Now we’ve got that important distinction made, we can tell you that this particular Mahatma (Mahatma Gandhi Heberpio Mattos Pires, to give him his full title) started his career with Brazilian top-flight side Atletico Goianiense before spells with Trindade, Goiania and Ipora.

He’s a master of turning over possession but has never committed a foul in his career.

Yeah, we made both of those things up.

CM: – Elvis Marley

His mum liked reggae, but his dad was more of a rock ‘n’ roll man, so they came to a compromise.

Elvis Marley Aparecido Bittencourt, better known as Elvinho, or Little Elv, currently plays for America in Rio Grande do Norte.

LW: Marx Lenin

I don’t really need to explain this inclusion, do I?

According to young Marx Lenin dos Santos Goncalves, the name has nothing to do with the communist philosopher or Russian revolutionary.

Apparently, his mum liked the sound of Marx as an alternative spelling to his dad’s name Marques and the Lenin was a purely aesthetic choice because she liked how it sounded together with Marx.

Pretty massive coincidence if you ask us, but there you go.

Marx Lenin is a left-footed attacking midfielder. He moved from Flamengo’s U20 side to Akron Togliatti in the Russian second tier in 2020, because, well, of course he did.

He’s recently been released and is currently without a club. Apparently, he’s only taking offers from sides that play in red.

ST: Creedence Clearwater

Creedence’s parents didn’t go for the subtle tribute like Rever’s mum did. Just bang, straight in. Down the registry office, front of the queue, pen in hand and there you go: Creedence Clearwater Couto.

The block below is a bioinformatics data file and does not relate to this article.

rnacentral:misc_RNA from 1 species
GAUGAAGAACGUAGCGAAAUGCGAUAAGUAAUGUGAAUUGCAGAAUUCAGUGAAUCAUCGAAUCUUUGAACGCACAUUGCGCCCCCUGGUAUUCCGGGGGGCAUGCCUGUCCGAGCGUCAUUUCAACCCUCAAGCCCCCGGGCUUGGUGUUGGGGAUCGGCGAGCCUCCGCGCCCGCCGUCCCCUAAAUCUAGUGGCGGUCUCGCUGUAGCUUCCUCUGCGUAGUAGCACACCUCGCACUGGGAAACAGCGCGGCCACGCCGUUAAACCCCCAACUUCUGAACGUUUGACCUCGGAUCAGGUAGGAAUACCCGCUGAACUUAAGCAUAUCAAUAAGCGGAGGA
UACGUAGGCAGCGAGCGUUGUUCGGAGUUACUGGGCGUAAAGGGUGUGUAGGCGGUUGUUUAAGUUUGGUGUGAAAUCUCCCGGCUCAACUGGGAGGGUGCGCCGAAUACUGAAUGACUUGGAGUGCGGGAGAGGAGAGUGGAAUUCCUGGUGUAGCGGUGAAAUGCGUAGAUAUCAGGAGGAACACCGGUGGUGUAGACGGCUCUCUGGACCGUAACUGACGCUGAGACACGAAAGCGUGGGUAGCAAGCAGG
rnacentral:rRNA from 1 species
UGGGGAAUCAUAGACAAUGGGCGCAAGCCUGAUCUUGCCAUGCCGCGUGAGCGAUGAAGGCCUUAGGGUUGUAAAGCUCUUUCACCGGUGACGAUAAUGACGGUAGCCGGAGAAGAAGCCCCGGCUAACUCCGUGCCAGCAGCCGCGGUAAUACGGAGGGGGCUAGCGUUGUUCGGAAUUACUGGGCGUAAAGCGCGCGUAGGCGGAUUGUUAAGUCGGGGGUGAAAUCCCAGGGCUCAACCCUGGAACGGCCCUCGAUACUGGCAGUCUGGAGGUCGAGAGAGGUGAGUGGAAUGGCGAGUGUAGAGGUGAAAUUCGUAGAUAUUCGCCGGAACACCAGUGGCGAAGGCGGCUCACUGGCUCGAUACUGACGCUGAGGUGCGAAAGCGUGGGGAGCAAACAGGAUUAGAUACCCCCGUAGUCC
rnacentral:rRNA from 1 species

“People often think that it’s a nickname, but it’s not,” he once said. “It’s difficult to write, even harder for Brazilians to pronounce, so they sometimes revert to calling me Paulista because it’s easier.

“And most youngsters today have never heard of the group, so I often have to repeat my name several times. The only thing that I regret is that some people are more interested in me because of my name than because of my qualities as a footballer.”

ST: Flavio Caca-Rato

Flavio Rat Catcher. It’s got quite a ring to it.

Flavio Caca-Rato, sometimes shortened to Caca-Rato or even, wonderfully, CR7, is a forward who bounced around a series of Brazilian clubs but is most closely associated with his hometown side Santa Cruz.

He was brought up in a tough part of the city of Recife and as a youngster liked to go after rodents with his slingshot.

When still a youth player for a local side, he was waiting around after training, watching the older boys play and killing a few rats to keep himself entertained. A team-mate christened him Caca-Rato and there was no turning back.

“In my first TV interview,” he told ESPN in 2016, “they said, ‘Caca-Rato’, and my mum said, ‘Caca-Rato? What an ugly name. My son’s name is Flavio Augusto do Nascimento. What’s this with Caca-Rato?’

“But now everywhere she goes, she says, ‘Ah, my son is Caca-Rato.’ That’s all she talks about!”

Manager – Argel Fucks

The angriest man in Brazilian football has the surname to match.

Fucks is currently on his 21st different club of 13-year managerial career, so we imagine he won’t mind taking over our XI once he inevitably gets sacked again in a couple of months.